September 3/10, 2018: Volume 34, Issue 6
By Lisbeth Calandrino
There are various types of conversations we all use to function in everyday life. When attempting to converse, whether person to person or in a group or organization, it is essential to understand the different types of conversations and how each type functions.
Informational conversation is what most people would define as conversing. It is the type of conversation that “gets beyond the gate keeper,” and this is important when it comes to establishing a level of trust or rapport before making a sale.
Informational conversation concentrates on exchanging facts and/or pieces of common information. These facts can be correct or incorrect but, most importantly, they are free of opinion or feeling from either of the participants. It is a low-risk conversation in that it reveals little or nothing about those involved.
The basic, informal “hello” gives a clear invitation to begin an informational conversation. It acknowledges that someone is responding on the other end of the phone in a polite and direct way. If the person smiles when saying “hello,” the person on the other end will hear the friendliness in the speaker’s voice.
A more formal greeting could do more to orient the caller into the conversation. Saying the company name first gives the caller a better idea of whom she is speaking to—for example, “Discount Carpet, Hillcrest branch, this is Juan, the manager speaking.” The caller is able to confirm she is calling the correct place and speaking to the person who can effectively deal with her problem.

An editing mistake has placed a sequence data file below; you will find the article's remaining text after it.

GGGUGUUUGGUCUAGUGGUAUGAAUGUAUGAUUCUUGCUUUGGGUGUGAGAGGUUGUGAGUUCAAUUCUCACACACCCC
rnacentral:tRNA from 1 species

If the caller requests to speak with someone else within the organization, the person answering the phone should reply courteously, “I can get them on the line in just a minute if you are willing to hold.” He then should wait for a response. If the caller agrees to hold, the employee should set the phone down with the speaker directed away from any noise and quietly get the person the caller is waiting for. If the business has phone extensions, he can easily transfer the call to the correct person and thank the caller for waiting.
Advising your sales associate to stop talking may seem counterintuitive to making a sale, but many salespeople often talk excessively and fail to listen to the customer. We often feel that we need to control the conversation, or we will lose the sale. However, the problem with constantly talking is you are unable to truly understand the underlying needs of the customer.
When qualifying a prospect, you are evaluating whether or not she is in a position to decide to buy your product. If you are talking to someone in an organization, it is important to speak only to the person who has the authority to finalize a purchase. If the person is not authorized to make a deal with you, then find out when the person who can close the deal is available and call back.
Once you have the person with authority on the line, inquire if he or she has the means to close the deal. This may involve finding out information about available funds on credit cards, lines of credit and monthly budget. Informational conversation is a great way to get the ball rolling.
Lisbeth Calandrino has been promoting retail strategies for the last 20 years. To have her speak at your business or to schedule a consultation, contact her at firstname.lastname@example.org.